Biska Jatra embraces Bhaktapur

16, Apr 2019 |

One of the most enthusiastically celebrated festivals, Biska Jatra is currently being observed in Bhaktapur with crowds of cheering onlookers

The only festival that does not follow the lunar based Nepali calendar, Biska jatra marks the ancient solar Nava Barsha (Nepali New Year). Legend has it that this celebration is the ‘The festival after the death of the serpent’ and commences after a special Tantric ritual in the Bhairab Temple in Taumadi Tole in Bhaktapur.  

The festival features chariot pulling, erecting a large wooden pole (Yoshin Deo/Lingo), along with the festival of vermillion coloured powder of Sindoor Jatra, and interestingly, a tongue-piercing ceremony as well. It is observed annually for eight nights and nine days on the month of April, starting four days prior to the Nepali New Year.

The first day of this jatra begins with the enshrining of the wrathful God Bhairab and Goddess Bhadrakali in their respective chariots in Tamaudi Square, near Nyatapole Temple. The signature event of the day is a tug of war between eastern (upper) and western (lower) part of the square. Hundreds of men try their best to pull the chariots to their sides. The first day also symbolises Deo kwayo Bijaayegu, which means ‘God comes down to the mass of people from his own sacred home.’

The second and the third day marks the ceremonial rituals performed by the people who take care of the chariots. The locals can also be seen doing puja to the deities.

Two poles are erected in two different areas of Bhaktapur on the fourth day; in the Pottery Square in the morning and in Bhelukhel in the evening. During the procession, songs of joy and excitement are heard among the crowd. Many energetic men try to climb the poles using large ropes to keep the plants at top and it is believed that the ones who are successful in doing so will be able to sire a male child.

Devotees swarm Bhelukhel and Pottery Square for the sacrifice of animals, all offerings made to the chariots of the God and Goddess on the fifth day. The evening is followed by a big feast all over Bhaktapur. A moment of danger and excitement arises when the lingo of Bhelukhel is pulled down afterwards.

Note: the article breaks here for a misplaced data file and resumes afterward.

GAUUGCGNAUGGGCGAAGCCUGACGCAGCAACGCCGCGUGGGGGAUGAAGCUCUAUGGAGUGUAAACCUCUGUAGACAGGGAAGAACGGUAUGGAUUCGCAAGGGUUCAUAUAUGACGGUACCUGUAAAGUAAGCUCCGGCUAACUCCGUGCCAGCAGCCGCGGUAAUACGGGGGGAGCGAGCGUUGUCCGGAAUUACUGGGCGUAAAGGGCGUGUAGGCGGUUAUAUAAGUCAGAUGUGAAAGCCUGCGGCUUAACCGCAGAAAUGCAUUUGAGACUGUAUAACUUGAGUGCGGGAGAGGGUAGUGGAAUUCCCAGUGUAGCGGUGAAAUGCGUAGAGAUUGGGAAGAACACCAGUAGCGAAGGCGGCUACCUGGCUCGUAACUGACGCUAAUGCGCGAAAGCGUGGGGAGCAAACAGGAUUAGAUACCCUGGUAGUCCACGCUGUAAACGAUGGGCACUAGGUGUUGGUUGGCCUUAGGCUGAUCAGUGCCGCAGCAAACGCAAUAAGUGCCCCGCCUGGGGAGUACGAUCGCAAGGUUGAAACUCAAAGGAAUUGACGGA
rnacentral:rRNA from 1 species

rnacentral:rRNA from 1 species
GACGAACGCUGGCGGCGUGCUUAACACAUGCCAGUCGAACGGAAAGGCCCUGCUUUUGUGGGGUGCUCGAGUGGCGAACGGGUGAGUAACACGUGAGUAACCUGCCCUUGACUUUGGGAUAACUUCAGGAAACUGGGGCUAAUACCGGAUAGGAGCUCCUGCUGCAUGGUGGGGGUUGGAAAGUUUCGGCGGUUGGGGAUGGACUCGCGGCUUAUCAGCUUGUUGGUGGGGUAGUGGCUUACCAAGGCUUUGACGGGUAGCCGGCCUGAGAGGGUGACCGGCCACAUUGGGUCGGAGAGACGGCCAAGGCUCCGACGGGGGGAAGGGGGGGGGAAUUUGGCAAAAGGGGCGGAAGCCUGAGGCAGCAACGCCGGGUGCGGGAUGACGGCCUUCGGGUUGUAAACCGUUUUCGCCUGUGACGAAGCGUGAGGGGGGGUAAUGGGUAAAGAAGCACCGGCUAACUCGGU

Welcoming the advent of Spring and the new year, Sindoor Jatra is celebrated on the sixth day by throwing vermillion powder and playing dhimay music.  Besides, tongue piercing jatra is also observed where a volunteer gets his tongue pierced with an iron spike and walks around the town carrying a bamboo rack.

Bisket Jatra is also celebrated in different parts of the city by worshipping their own local statues of gods and goddesses. In Suryamadi Tole, devotees are seen carrying small chariots of gods Bramayeni and Maheshori. People exchange greetings to family and friends, offer delicious food, wear traditional dress, sing and dance on the seventh and eighth day of the jatra.

The pole elongated in the Pottery Square is drawn down on the ninth day by performing many rituals. As the last day of Biska Jatra, chariots of God Bhairab and Goddess Bhadrakali are pulled upwards, as Deo tha bijaayegu which means ‘God now returns back to his own sacred home’. After the puja and worshipping, many people gather together and play various traditional instruments and songs marking the successful end of Biska Jatra.


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